Send to

Choose Destination

See 1 citation found by title matching your search:

J Immunol. 2010 Dec 15;185(12):7244-51. doi: 10.4049/jimmunol.1001573. Epub 2010 Nov 10.

MicroRNA-148/152 impair innate response and antigen presentation of TLR-triggered dendritic cells by targeting CaMKIIα.

Author information

National Key Laboratory of Medical Immunology and Institute of Immunology, Second Military Medical University, Shanghai 200433, China.


MicroRNAs (miRNAs) are involved in the regulation of immunity, including the lymphocyte development and differentiation, and inflammatory cytokine production. Dendritic cells (DCs) play important roles in linking innate and adaptive immune responses. However, few miRNAs have been found to regulate the innate response and APC function of DCs to date. Calcium/calmodulin-dependent protein kinase II (CaMKII), a major downstream effector of calcium (Ca(2+)), has been shown to be an important regulator of the maturation and function of DCs. Our previous study showed that CaMKIIα could promote TLR-triggered production of proinflammatory cytokines and type I IFN. Inspired by the observations that dicer mutant Drosophila display defect in endogenous miRNA generation and higher CaMKII expression, we wondered whether miRNAs can regulate the innate response and APC function of DCs by targeting CaMKIIα. By predicting with software and confirming with functional experiments, we demonstrate that three members of the miRNA (miR)-148 family, miR-148a, miR-148b, and miR-152, are negative regulators of the innate response and Ag-presenting capacity of DCs. miR-148/152 expression was upregulated, whereas CaMKIIα expression was downregulated in DCs on maturation and activation induced by TLR3, TLR4, and TLR9 agonists. We showed that miR-148/152 in turn inhibited the production of cytokines including IL-12, IL-6, TNF-α, and IFN-β upregulation of MHC class II expression and DC-initiated Ag-specific T cell proliferation by targeting CaMKIIα. Therefore, miRNA-148/152 can act as fine-tuner in regulating the innate response and Ag-presenting capacity of DCs, which may contribute to the immune homeostasis and immune regulation.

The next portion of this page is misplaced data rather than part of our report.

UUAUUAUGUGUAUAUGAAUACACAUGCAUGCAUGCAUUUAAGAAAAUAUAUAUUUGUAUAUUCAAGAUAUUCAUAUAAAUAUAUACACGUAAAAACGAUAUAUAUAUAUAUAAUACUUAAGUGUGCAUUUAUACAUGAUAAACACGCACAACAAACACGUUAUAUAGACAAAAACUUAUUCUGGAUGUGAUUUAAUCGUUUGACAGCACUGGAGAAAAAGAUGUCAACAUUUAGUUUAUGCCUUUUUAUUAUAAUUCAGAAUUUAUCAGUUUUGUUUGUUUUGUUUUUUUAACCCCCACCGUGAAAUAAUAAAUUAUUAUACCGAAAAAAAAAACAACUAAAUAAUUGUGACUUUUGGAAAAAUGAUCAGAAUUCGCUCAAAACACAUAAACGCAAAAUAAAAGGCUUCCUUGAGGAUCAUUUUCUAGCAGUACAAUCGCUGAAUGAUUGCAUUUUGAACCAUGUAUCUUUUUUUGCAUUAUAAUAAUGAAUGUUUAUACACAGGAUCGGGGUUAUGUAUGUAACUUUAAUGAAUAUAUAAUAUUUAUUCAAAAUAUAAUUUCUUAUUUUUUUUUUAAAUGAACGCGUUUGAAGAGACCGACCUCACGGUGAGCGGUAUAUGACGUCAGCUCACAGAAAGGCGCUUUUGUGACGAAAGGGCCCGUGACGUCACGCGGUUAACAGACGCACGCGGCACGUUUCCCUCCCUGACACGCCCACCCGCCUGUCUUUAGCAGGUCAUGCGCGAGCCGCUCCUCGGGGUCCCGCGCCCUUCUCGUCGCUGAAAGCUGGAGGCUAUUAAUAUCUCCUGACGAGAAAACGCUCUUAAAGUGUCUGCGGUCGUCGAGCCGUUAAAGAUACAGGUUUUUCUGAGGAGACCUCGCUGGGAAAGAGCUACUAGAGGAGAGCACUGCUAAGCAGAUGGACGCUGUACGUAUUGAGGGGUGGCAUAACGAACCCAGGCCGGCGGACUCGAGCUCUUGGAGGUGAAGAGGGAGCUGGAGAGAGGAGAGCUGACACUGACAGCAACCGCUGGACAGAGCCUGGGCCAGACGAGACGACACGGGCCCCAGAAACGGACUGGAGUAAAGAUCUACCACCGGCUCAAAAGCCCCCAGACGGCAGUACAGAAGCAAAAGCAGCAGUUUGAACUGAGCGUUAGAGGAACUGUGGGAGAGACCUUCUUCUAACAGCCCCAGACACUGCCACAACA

[Indexed for MEDLINE]
Free full text

Supplemental Content

Full text links

Icon for HighWire
Loading ...
Support Center